Lankford Simplifies Process for Oklahoma Gun Owners to Access Hearing Protection
WASHINGTON, DC – Senator James Lankford (R-OK) today joined Senator Mike Crapo (R-ID) to lead a group of 13 senators to introduce the Hearing Protection Act (HPA), which would reclassify firearm sound suppressors to regulate them like a regular firearm. The measure benefits recreational gun users and provides them better access to hearing protection equipment.
Original co-sponsors of the legislation include Senators Jim Risch (R-ID), Joni Ernst (R-IA), Kevin Cramer (R-ND), Jerry Moran (R-KS), John Cornyn (R-TX), Roger Marshall (R-KS), John Boozman (R-AR), Shelley Moore Capito (R-WV), Tom Cotton (R-AR), Mike Braun (R-IN), Tim Scott (R-SC), Jim Inhofe (R-OK), and Thom Tillis (R-NC).
“I firmly support the Second Amendment’s guarantee of the right to bear arms for all law-abiding citizens. We should not burden law-abiding gun owners by overregulating the purchase of sound suppressors for firearms,” said Lankford. “Despite what we see in Hollywood movies, sound suppressors do not make firearms silent. They simply reduce the noise and are valuable tools for hunting and other shooting sports. Even with a suppressor, guns are still loud. This common-sense change helps address this misconception about ‘silencers’ and ensures law-abiding gun owners can purchase sound suppressors for hearing protection without excessive federal regulation and hundreds of dollars in taxes.”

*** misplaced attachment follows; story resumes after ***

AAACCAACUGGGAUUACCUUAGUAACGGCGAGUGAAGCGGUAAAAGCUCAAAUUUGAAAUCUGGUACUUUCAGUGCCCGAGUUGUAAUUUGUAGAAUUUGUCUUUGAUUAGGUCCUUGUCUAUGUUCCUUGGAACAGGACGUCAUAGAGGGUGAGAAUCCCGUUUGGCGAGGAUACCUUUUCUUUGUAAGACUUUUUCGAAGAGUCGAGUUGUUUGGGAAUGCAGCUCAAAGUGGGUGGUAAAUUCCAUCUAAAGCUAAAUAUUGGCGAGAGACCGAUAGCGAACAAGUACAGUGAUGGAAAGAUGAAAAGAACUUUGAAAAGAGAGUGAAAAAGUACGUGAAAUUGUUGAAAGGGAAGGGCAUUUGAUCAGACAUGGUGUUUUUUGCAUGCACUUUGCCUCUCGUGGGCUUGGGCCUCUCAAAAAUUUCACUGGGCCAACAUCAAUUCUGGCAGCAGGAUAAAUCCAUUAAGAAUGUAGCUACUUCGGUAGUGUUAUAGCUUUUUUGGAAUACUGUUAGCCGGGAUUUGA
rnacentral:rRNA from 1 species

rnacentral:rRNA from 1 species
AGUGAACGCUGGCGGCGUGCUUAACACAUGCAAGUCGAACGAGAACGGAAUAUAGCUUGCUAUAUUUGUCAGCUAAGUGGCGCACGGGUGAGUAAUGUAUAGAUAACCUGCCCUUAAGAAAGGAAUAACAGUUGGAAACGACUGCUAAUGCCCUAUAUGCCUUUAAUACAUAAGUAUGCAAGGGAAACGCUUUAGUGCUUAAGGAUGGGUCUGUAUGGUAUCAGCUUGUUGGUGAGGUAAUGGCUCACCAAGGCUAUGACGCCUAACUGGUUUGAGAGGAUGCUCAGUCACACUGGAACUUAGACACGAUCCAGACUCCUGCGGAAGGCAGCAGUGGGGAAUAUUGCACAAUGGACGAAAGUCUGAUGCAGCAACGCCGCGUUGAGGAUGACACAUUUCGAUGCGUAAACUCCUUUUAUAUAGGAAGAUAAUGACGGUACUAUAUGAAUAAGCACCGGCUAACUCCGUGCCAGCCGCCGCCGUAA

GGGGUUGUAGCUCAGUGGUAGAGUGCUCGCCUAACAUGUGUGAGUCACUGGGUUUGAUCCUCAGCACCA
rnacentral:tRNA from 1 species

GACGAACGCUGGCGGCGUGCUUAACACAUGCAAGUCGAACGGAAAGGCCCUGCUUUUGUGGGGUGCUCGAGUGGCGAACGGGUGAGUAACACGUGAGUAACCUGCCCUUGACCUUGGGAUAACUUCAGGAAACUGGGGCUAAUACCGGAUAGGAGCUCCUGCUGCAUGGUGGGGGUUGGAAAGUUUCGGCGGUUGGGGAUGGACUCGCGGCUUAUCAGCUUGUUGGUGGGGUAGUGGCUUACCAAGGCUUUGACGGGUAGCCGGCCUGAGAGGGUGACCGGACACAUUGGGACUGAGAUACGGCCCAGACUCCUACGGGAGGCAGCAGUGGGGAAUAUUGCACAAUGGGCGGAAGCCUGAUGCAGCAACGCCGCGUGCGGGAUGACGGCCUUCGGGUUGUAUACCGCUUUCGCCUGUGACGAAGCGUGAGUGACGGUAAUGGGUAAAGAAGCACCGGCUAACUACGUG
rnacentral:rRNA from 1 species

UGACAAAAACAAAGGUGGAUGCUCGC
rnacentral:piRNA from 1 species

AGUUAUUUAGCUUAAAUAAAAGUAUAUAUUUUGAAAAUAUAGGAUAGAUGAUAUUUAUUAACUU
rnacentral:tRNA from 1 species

“Law-abiding Americans enjoying the recreational freedoms provided under the Second Amendment should not have to wade through overly-burdensome regulations in order to protect their hearing,” said Crapo. “The common Hollywood-portrayed misconceptions about suppressors are not grounded in factual science, and create unnecessary burdens on responsible gun owners. The Hearing Protection Act will benefit Idaho’s sportswomen and men by ensuring they have adequate hearing protection needed while hunting and participating in other recreational shooting sports.”
On average, suppressors diminish the noise of a gunshot by 20-35 decibels (dB), roughly the same sound reduction provided by earplugs or earmuffs. By further comparison, the most effective suppressors on the market can only reduce the peak sound level of a gunshot to around 110-120 decibels. According to the National Institute for Occupational Safety and Health, that is as loud as a jackhammer (110 dB) or an ambulance siren (120 dB). Currently regulated under the National Firearms Act (NFA), suppressors are subject to additional regulatory burdens.
The HPA would:
- Reclassify suppressors to regulate them like traditional firearms;
- Remove suppressors from regulation under the NFA;
- Replace the overly-burdensome federal transfer process with an instantaneous National Instant Criminal Background Check System (NICS) background check, making the purchasing and transfer process for suppressors equal to the process for a rifle or shotgun; and
- Tax suppressors under the Pittman-Robertson Act instead of the NFA, putting more funding into state wildlife conservation agencies.
The HPA would not change any laws in states that already prevent suppressors, nor does it get rid of the requirement for a background check. The HPA is supported by the National Shooting Sports Foundation, the American Suppressor Association, Gun Owners of America, and the National Rifle Association.